|Why Your Business Has to Embrace Mobile Marketing
By: Danny Flamberg
Consumers have embraced mobile devices with a vengeance. Everyone has a mobile device. Everyone has access to a huge percentage of all human knowledge in their back pocket. And everyone expects always-on, everywhere access to virtually everything.
More than half of all email is opened on a mobile device and a third of e-commerce takes place on either a smartphone or a tablet. Think about these astounding statistics curated by Gravit8:
Americans are Totally Mobile
Text Messages are Commercially Acceptable
- Wireless penetration is at 104% in the USA
- 75% of those devices are SMS-enabled
- 91% of the U.S. population has a mobile device within reach 24/7
- Americans spend an average of 2 hours and 57 minutes each day on a smartphone or tablet; more time than watching TV
Mobile Search Drives Purchases
- Over 90% of text messages are read in the first three minutes after receipt
- Text messages have a response rate 20 times greater than email or direct mail
- 64% of those who’ve subscribed to mobile marketing messages made a purchase as a result
To anticipate and proactively serve the growing expectations of mobile users, we have to rethink mobile marketing and engagement tactics.
- Consumers spend 15+ hours/week researching online using smartphones
- Mobile searchers visit a website, on average, six times
- 93% of those searching on mobile devices complete a purchase
Build an Opt-In List. Brands have been skittish about asking for mobile opt-ins. Fearful that mobile is the last bastion of consumer privacy, brands have not aggressively sought or incented consumer opt-ins. Evidently, this taboo is overstated. Start asking for mobile numbers and start building your list. Connect mobile numbers with existing data to create robust segments and enable micro-targeting.
Develop Use Cases. If we have the devices at hand 24/7, plot out what we are doing, where we are going, and what we are thinking or feeling. Then craft experiences and messages to intersect our moods and our movements through time and space. The widespread use of mobile devices offers brands a virtual VPN to customers. Once you are in their pockets, if you can get in their heads and track them through the day, you can potentially create intense and loyal relationships, assuming brands can create relevant, personal, and valuable content or offers.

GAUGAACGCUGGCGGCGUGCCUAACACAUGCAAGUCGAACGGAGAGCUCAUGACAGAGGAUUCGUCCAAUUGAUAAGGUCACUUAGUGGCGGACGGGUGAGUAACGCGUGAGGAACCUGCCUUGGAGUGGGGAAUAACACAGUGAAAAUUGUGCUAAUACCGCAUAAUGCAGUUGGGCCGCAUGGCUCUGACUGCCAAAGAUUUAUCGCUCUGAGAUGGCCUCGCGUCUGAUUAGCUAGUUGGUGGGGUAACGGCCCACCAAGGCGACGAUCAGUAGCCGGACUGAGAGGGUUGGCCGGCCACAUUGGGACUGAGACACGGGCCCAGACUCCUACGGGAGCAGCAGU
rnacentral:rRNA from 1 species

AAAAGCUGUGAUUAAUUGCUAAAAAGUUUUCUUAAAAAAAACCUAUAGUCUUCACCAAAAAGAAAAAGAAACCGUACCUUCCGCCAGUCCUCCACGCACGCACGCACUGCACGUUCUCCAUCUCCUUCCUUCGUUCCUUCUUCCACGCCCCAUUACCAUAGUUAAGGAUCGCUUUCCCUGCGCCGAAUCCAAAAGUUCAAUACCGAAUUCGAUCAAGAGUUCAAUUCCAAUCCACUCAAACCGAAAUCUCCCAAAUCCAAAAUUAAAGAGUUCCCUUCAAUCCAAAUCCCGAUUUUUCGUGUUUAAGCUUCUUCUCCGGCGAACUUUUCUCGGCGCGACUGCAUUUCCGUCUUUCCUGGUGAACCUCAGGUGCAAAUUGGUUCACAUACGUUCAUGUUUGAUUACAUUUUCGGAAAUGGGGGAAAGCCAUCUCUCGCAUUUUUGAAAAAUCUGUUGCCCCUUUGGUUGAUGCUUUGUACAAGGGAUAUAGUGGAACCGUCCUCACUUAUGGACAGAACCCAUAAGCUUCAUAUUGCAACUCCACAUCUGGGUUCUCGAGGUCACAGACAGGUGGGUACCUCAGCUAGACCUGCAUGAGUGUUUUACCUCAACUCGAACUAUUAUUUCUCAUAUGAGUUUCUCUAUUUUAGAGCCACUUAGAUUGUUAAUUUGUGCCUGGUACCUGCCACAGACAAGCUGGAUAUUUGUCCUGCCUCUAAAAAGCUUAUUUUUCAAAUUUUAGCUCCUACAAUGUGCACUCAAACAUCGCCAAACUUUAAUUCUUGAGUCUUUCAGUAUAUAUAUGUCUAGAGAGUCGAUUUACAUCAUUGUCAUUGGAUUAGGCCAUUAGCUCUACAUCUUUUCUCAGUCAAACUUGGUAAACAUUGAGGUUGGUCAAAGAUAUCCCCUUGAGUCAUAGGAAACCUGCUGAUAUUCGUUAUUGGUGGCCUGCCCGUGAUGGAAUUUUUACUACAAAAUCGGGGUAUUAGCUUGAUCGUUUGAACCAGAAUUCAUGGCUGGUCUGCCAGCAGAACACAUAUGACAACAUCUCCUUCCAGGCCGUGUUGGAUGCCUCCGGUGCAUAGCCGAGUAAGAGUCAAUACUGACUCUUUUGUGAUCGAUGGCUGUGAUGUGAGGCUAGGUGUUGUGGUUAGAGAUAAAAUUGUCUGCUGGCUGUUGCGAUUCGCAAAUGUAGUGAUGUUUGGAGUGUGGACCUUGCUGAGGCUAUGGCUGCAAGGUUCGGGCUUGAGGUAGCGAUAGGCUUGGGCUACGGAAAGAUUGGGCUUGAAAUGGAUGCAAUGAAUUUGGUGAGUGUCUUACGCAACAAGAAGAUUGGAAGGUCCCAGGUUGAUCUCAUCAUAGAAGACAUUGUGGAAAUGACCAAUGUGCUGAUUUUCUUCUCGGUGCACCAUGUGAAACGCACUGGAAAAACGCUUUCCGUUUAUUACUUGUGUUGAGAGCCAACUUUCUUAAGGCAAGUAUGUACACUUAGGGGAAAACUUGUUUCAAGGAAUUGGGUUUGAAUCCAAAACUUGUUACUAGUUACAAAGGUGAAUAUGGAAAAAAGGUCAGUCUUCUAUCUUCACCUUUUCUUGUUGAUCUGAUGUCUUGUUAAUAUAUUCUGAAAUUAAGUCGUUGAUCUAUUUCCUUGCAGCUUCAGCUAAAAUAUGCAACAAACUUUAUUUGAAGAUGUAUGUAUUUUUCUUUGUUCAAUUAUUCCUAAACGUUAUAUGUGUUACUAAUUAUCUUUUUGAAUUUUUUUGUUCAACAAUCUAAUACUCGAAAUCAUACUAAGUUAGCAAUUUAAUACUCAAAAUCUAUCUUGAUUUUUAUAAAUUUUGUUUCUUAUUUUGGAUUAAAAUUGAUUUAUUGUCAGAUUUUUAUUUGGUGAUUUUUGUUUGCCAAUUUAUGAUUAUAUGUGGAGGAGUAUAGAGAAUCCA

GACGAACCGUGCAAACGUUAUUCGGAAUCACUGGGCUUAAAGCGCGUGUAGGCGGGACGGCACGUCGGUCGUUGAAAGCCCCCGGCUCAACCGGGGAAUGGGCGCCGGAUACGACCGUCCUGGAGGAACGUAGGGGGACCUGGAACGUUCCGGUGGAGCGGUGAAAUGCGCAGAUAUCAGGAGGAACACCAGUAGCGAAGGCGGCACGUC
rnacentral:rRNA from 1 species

Be Spontaneous. Text messaging is an immediate and reflexive response device. It’s well suited to spur-of-the-moment offers, games, and quick polls or surveys. It’s also a great way to time announcements or seek instant feedback. Think about how your brand can leverage the technology, the unique beeping sounds, and the expectation of immediate back-and-forth to surprise or delight customers.
Focus on Search. A huge number of users search first. Licensing a robust mobile search tool that can be geo-targeted, can store user search history, and maybe even predict searches based on past use are worth the expense. Embed offers in search terms and develop dedicated mobile landing pages to capitalize on the purchasing tailwind that search provides.
Zero In on Device Usage. Consumers are turning to specific devices to accomplish specific things. Smartphones are the all-purpose in-motion utility device. Tablets are becoming multi-dimensional infotainment centers. Keep an eye on these behaviors. Create content, manage messaging, and produce promotions using native functionality to leverage existing device usage and provide consumers with an experience that will feel natural, organic, useful, and fun.
If you’re not mobile, you’re standing still or falling behind. That’s the clear implication. Either you’re embracing increased consumer mobility and the continuing evolution of mobile devices or you’re roadkill on the information superhighway.
Danny Flamberg, EVP Managing Director of Digital Strategy and CRM at Publicis based in New York, has been building brands and building businesses for more than 30 years.Prior to joining Publicis, he led a successful global consulting group called Booster Rocket, as Managing Partner. Before becoming a consultant, he was Vice President of Global Marketing at SAP, SVP and Managing Director at Digitas in New York and Europe and President of Relationship Marketing at Amiratti Puris Lintas and Lowe Worldwide.
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